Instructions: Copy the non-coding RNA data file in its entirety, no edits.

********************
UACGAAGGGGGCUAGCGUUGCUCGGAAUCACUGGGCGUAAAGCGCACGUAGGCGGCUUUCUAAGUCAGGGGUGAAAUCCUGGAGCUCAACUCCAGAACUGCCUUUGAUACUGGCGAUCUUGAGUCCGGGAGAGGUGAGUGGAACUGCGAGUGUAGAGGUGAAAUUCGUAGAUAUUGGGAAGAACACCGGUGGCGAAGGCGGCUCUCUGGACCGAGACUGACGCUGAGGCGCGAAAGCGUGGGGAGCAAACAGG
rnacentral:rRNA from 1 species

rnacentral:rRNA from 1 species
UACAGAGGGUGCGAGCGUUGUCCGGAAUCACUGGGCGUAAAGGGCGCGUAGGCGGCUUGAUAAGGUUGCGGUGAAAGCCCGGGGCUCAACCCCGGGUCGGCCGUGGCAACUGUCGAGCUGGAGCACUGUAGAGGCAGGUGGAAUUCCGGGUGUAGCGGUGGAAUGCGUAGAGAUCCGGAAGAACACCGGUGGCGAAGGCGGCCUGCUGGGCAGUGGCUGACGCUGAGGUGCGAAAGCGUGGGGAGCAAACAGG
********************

UACGAAGGGGGCUAGCGUUGCUCGGAAUCACUGGGCGUAAAGCGCACGUAGGCGGCUUUCUAAGUCAGGGGUGAAAUCCUGGAGCUCAACUCCAGAACUGCCUUUGAUACUGGCGAUCUUGAGUCCGGGAGAGGUGAGUGGAACUGCGAGUGUAGAGGUGAAAUUCGUAGAUAUUGGGAAGAACACCGGUGGCGAAGGCGGCUCUCUGGACCGAGACUGACGCUGAGGCGCGAAAGCGUGGGGAGCAAACAGG
rnacentral:rRNA from 1 species

rnacentral:rRNA from 1 species
UACAGAGGGUGCGAGCGUUGUCCGGAAUCACUGGGCGUAAAGGGCGCGUAGGCGGCUUGAUAAGGUUGCGGUGAAAGCCCGGGGCUCAACCCCGGGUCGGCCGUGGCAACUGUCGAGCUGGAGCACUGUAGAGGCAGGUGGAAUUCCGGGUGUAGCGGUGGAAUGCGUAGAGAUCCGGAAGAACACCGGUGGCGAAGGCGGCCUGCUGGGCAGUGGCUGACGCUGAGGUGCGAAAGCGUGGGGAGCAAACAGG